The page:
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Eur J Med Res. 2004 Aug 31;9(8):400-4.

Relationship between high weight and caries frequency in German elementary school children.

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Department for Operative Dentistry, Johannes Gutenberg University Mainz, Augustusplatz 2, D-55131 Mainz, Germany. willersh@mail.



Most industrialized countries experienced a change in dietary habits within the last 10 years. Growing obesity may result in an increased incidence of metabolic diseases as well as in a higher caries frequency.


In an interdisciplinary study, 842 elementary school children (414 girls and 428 boys, age: 6-11 years; elementary grades 1-4) we examined. The dental examination included the determination of caries frequency (DF-T-/ df-t-values) and the medical evaluation assessed the pupils general health (i.e. the height and body weight; body mass index).


The study showed that 33.7% of all school children had no decayed or filled teeth (38% of the girls, 30% of the boys). 73.9% of all pupils were within the normal weight range (74.3% of the boys, 73.4% of the girls), 12.9% of the children were overweight (12.4% of the boys, 13.5% of the girls), and 13.2% were even obese (13.3% of the boys, 13% of the girls). 35.5% of the pupils with normal weight had healthy teeth, whereas the number dropped to 27.5% in children that were overweight, and to 29.7% in the obese children. The caries prevalence (DF-T-, df-t-values) also showed a significant association to weight (Fisher-Test, p = 0.022 for df-t-distribution and p = 0.011 for DF-T-distributions). Children with normal weight were found to have average df-t-values of 2.09 (DF-T: 0.57), overweight children an average df-t-value of 2.48 (DF-T-value: 0.91), and obese children showed 3.3 (DF-T.value:0.88).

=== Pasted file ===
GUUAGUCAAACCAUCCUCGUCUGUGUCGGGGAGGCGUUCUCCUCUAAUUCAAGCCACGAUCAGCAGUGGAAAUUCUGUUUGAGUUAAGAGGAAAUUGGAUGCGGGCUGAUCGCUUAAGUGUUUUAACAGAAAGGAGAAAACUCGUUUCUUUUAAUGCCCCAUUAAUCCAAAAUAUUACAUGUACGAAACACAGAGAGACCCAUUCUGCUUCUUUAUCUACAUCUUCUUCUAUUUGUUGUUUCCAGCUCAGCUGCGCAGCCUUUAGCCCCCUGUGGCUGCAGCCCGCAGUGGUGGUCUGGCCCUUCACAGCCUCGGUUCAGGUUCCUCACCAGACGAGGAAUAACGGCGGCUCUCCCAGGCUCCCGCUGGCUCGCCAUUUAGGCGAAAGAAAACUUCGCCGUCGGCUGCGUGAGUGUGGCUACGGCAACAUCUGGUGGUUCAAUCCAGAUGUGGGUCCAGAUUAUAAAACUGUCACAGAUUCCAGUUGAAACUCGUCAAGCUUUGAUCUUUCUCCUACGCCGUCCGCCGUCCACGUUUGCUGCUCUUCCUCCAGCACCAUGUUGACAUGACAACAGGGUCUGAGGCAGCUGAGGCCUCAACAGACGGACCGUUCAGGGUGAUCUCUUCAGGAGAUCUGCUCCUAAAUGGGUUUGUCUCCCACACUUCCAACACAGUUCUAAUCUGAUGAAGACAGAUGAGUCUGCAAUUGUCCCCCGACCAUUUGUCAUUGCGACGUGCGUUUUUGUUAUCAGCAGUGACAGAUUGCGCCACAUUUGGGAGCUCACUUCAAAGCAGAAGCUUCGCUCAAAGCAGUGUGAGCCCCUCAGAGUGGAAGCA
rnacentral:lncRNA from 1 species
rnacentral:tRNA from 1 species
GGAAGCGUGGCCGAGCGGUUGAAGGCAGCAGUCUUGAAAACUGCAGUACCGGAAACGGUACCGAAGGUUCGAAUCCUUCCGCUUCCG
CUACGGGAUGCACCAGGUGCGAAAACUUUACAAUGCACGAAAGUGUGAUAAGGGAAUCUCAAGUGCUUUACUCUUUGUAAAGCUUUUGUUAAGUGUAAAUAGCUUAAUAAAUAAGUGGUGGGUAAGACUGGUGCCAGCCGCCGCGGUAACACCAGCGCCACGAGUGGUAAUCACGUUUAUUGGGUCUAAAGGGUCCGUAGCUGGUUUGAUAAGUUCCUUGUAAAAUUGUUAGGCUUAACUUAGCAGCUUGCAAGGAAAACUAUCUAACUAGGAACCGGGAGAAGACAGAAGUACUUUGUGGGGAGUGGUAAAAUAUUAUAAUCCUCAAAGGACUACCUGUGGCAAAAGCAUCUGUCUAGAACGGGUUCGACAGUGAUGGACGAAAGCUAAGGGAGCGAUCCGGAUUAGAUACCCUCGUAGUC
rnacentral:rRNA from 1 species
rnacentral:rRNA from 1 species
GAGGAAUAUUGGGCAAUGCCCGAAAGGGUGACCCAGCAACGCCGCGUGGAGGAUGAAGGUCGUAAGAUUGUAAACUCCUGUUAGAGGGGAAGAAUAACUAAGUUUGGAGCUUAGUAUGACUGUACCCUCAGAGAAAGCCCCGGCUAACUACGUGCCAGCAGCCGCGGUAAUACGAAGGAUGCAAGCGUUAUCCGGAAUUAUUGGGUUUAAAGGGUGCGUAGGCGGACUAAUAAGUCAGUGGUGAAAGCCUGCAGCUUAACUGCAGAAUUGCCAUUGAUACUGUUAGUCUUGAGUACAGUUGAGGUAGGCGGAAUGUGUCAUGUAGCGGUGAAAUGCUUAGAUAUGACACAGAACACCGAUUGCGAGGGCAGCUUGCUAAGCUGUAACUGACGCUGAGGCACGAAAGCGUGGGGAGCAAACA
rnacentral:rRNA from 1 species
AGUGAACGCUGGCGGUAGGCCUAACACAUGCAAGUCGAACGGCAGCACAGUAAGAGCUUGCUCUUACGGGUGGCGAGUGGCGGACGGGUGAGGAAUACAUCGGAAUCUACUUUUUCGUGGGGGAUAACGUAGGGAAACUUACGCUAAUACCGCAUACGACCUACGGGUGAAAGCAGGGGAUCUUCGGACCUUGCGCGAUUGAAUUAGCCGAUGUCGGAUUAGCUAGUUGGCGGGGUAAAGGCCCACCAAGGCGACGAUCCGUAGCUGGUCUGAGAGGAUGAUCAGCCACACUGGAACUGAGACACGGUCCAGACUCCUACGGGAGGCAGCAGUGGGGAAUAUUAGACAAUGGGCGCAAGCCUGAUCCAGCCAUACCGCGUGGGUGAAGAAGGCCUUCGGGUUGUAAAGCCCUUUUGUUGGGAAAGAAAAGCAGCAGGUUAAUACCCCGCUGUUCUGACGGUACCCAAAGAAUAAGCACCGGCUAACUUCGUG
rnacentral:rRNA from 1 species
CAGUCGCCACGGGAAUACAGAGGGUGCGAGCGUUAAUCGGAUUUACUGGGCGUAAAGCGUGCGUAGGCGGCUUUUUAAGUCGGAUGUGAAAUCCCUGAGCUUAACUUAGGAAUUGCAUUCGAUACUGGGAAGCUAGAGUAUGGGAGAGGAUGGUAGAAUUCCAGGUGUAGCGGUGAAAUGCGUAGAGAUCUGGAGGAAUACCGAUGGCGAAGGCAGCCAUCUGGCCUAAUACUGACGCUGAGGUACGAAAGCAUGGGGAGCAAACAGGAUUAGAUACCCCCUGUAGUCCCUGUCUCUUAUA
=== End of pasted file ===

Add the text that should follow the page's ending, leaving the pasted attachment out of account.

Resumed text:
Since this study showed an association between an increase of dental caries and high weight in elementary school children, the importance of nutrition with respect to high weight should be considered in future preventive programs, in addition to oral hygiene measures.

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